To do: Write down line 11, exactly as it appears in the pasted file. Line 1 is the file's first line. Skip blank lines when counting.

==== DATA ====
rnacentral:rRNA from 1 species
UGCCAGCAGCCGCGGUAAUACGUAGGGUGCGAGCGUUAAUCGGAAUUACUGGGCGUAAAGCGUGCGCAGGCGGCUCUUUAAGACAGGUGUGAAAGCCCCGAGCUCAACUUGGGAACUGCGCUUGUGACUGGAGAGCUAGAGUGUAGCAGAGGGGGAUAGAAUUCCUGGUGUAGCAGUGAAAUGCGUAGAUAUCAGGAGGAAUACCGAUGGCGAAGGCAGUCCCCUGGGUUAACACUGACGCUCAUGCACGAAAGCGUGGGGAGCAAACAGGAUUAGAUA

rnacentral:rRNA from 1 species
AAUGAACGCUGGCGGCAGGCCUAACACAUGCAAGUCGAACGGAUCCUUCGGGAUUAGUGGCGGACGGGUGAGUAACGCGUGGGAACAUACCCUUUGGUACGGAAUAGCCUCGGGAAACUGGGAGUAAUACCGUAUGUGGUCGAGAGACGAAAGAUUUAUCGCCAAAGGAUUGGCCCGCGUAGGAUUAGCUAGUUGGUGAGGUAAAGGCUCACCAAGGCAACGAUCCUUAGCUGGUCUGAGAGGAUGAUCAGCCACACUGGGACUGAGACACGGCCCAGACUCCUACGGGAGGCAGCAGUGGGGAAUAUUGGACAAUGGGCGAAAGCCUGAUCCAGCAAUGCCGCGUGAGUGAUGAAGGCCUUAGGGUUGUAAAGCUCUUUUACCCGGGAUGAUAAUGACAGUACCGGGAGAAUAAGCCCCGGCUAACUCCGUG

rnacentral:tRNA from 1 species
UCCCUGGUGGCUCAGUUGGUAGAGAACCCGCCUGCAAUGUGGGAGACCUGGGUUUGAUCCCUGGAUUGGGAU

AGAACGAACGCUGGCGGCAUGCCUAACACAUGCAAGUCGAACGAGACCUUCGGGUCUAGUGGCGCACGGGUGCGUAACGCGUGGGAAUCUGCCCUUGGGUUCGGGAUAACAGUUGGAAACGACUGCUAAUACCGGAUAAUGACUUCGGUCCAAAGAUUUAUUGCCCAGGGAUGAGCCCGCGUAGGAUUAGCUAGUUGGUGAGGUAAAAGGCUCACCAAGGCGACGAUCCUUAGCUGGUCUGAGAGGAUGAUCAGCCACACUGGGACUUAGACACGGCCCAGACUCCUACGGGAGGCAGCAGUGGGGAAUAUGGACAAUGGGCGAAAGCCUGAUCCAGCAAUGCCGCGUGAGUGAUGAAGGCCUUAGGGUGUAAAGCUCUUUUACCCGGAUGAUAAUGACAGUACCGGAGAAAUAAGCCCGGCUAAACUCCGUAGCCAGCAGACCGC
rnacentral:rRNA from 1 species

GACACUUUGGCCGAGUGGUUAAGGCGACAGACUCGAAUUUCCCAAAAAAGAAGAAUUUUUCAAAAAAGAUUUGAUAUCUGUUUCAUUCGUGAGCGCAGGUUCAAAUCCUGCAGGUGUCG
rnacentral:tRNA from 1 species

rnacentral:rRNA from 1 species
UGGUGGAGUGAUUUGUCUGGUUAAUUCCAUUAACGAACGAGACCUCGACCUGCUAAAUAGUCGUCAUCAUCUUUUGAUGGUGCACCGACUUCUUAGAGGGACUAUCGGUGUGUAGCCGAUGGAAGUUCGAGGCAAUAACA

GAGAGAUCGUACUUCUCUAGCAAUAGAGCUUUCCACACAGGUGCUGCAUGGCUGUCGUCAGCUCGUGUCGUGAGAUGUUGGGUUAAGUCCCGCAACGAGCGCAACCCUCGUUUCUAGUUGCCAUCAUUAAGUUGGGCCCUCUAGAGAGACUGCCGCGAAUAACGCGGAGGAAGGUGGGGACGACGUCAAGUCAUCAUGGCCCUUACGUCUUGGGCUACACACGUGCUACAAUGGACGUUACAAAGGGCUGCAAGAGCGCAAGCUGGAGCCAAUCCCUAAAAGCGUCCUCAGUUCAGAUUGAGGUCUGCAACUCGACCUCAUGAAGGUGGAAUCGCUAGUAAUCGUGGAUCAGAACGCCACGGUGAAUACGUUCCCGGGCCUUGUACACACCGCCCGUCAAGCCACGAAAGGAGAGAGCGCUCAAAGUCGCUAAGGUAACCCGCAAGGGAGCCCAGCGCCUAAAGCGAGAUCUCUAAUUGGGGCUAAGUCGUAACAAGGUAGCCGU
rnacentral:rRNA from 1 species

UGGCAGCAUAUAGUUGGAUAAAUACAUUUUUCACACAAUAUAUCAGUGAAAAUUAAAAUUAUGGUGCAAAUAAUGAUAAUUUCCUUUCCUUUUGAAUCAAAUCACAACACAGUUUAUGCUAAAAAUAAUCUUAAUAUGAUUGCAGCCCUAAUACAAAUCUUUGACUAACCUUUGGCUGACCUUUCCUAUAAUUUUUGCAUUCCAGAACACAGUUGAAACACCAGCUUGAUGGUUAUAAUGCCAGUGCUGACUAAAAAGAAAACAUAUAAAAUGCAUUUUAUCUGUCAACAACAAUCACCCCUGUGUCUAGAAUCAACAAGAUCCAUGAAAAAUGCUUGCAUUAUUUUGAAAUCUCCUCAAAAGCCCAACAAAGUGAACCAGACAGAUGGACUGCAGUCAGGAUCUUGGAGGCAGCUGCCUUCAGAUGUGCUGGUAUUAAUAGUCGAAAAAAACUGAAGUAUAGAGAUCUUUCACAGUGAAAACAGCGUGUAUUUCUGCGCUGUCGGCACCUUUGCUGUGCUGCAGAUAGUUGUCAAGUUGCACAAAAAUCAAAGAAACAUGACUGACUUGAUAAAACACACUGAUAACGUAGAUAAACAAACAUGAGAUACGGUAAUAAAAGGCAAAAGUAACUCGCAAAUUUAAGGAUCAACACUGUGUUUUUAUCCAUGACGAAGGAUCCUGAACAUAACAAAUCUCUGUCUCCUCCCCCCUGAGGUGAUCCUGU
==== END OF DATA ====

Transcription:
rnacentral:rRNA from 1 species